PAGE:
Google pays 700,000-ruble fine for failure to filter search results
MOSCOW. Sept 13 (Interfax) - Google has paid a 700,000-ruble fine imposed by Roskomnadzor for failure to filter search results consistent with the register of websites prohibited in Russia, the regulator told Interfax in a statement on Friday.
"Google has paid a 700,000-ruble fine for failure to fulfill its duty and stop providing information about websites restricted in Russia in search results," the regulator said.
Roskomnadzor has uncovered selective filtering of Google search results, which means over a third of links listed in the unified register of prohibited content are still available.
The law has been explained to Google many times, the regulator said.
Roskomnadzor head Alexander Zharov told the press at the Eastern Economic Forum in early September that Google was due to pay the fine before September 30. He also said that Google had been filtering about 70% of prohibited content. "Parameters are practically the same: they remove about 70% of websites listed in the unified register of prohibited content. The amount is almost unchanged," Zharov said.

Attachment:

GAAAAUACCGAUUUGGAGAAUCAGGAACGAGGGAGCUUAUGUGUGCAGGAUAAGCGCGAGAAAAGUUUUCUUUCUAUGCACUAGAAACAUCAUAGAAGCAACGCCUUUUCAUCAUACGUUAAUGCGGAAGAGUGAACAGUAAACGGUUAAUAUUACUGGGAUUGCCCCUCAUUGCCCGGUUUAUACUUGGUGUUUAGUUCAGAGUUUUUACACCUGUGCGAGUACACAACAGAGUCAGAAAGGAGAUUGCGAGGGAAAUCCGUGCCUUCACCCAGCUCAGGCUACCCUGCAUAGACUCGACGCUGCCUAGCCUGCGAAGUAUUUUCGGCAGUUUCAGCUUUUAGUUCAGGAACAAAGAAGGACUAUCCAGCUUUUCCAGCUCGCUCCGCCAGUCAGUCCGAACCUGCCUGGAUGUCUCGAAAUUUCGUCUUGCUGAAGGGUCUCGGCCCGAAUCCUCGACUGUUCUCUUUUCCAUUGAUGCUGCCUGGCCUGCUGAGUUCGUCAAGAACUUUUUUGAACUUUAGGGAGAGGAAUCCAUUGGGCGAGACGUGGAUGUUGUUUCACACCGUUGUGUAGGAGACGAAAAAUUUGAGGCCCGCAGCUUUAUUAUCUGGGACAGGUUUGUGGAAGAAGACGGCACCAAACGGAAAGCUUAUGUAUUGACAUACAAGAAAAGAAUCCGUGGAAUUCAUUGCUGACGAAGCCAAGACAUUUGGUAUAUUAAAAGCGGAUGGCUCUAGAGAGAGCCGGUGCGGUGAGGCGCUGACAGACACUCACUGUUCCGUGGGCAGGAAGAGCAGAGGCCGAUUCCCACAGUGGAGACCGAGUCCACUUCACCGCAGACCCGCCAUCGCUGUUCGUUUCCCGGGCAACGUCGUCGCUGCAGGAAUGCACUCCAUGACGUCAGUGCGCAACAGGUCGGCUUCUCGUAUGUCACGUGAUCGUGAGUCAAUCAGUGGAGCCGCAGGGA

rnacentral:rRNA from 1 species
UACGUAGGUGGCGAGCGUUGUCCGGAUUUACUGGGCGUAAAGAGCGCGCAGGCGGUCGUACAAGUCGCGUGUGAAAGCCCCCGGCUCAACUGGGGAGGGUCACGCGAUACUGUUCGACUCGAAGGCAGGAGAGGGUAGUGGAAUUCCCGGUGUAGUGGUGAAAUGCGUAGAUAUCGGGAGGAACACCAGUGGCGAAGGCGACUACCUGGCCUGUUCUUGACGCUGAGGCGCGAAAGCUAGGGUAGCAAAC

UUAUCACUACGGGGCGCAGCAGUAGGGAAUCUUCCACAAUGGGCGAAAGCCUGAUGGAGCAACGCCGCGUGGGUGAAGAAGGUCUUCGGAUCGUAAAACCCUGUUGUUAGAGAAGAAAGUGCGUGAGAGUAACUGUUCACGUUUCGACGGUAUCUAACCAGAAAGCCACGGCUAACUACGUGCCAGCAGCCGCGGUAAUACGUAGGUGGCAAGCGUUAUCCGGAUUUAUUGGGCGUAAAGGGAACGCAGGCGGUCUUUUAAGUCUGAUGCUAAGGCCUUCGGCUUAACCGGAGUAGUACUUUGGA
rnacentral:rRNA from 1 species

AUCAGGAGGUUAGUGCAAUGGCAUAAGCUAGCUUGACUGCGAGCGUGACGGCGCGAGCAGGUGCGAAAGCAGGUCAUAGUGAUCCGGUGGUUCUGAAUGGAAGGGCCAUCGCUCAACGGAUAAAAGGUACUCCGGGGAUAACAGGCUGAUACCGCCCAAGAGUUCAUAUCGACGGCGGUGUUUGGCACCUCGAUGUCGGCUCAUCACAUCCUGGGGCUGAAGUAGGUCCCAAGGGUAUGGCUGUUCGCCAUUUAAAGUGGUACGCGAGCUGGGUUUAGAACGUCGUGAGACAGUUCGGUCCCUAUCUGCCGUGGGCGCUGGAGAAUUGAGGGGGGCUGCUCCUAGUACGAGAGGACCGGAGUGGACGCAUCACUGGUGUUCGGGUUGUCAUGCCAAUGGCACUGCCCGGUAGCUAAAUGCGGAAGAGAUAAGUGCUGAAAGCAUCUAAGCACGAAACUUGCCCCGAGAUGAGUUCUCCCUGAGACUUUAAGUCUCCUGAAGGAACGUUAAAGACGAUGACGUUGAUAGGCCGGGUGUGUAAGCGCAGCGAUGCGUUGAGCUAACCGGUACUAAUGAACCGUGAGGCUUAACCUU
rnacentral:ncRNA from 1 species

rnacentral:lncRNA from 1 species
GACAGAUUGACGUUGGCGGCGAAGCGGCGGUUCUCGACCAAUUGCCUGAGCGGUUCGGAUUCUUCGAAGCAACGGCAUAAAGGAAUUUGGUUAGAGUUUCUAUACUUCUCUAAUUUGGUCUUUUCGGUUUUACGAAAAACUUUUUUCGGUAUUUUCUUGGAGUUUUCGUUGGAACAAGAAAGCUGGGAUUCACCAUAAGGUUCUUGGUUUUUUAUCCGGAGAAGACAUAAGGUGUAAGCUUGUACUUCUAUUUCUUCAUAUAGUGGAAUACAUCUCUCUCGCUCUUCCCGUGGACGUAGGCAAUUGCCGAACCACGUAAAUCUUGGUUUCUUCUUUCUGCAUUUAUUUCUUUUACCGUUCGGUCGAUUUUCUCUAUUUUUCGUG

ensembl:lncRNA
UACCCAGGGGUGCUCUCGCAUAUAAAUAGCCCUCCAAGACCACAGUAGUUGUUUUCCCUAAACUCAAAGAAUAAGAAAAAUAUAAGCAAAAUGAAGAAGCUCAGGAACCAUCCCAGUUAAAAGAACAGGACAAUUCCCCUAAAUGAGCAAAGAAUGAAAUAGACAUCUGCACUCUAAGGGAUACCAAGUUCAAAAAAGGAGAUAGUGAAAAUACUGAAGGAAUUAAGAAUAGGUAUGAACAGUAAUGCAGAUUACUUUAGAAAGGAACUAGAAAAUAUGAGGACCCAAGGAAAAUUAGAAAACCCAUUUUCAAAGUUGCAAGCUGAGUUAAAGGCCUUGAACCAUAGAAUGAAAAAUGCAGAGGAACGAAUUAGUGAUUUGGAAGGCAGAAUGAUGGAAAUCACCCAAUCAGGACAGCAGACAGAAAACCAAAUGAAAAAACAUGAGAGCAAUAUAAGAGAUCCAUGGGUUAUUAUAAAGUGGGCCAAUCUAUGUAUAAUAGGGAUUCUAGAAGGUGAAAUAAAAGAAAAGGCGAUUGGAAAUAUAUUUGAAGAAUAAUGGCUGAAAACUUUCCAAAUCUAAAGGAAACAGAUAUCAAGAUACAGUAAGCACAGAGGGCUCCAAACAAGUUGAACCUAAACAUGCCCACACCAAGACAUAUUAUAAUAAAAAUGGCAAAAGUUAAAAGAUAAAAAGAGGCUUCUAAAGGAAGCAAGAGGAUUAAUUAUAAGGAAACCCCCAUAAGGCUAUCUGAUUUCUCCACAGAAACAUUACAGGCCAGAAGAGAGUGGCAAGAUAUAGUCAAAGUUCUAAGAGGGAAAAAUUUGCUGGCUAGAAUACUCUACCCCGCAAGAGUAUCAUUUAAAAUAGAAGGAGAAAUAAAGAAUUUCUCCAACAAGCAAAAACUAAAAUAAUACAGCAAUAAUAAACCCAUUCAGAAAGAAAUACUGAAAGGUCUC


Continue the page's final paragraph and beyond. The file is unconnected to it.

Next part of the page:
As to whether Google planned to fully comply with the filtering requirement, Zharov said his agency "was engaged in an administrative procedure, and it would be wrong to begin any talks until the procedure comes to an end."
On November 26 last year, Roskomnadzor sued Google for refusing to comply with a law which requires it to connect to the Federal State Information System (FSIS). The company was fined 500,000 rubles on December 11.
Then it emerged in February of this year that Google had deleted over 70% of the URLS linking to illegal content from its search results. A couple months later in April, Zharov said that the company was deleting 80% of such links, and expressed confidence that the rate would eventually increase to 100 percent.
However, on June 7, Zharov told Interfax that Google's filtration had dropped to 67.5% during the month of May. Zharov later said he hoped the company would still comply with the law and would not have to be fined.
But on July 18, Roskomnadzor imposed another fine on Google, this time in the amount of 700,000 rubles, for its refusal to filter search results in accordance with the Russian register of prohibited content.
The law compelling search engines to connect to the FSIS containing the list of prohibited websites (Unified Register of Prohibited Information) came into effect on September 26, 2018. Roskomnadzor duly notified Google, Yandex, Sputnik, and Mail.Ru.
By late October, all but Google had complied.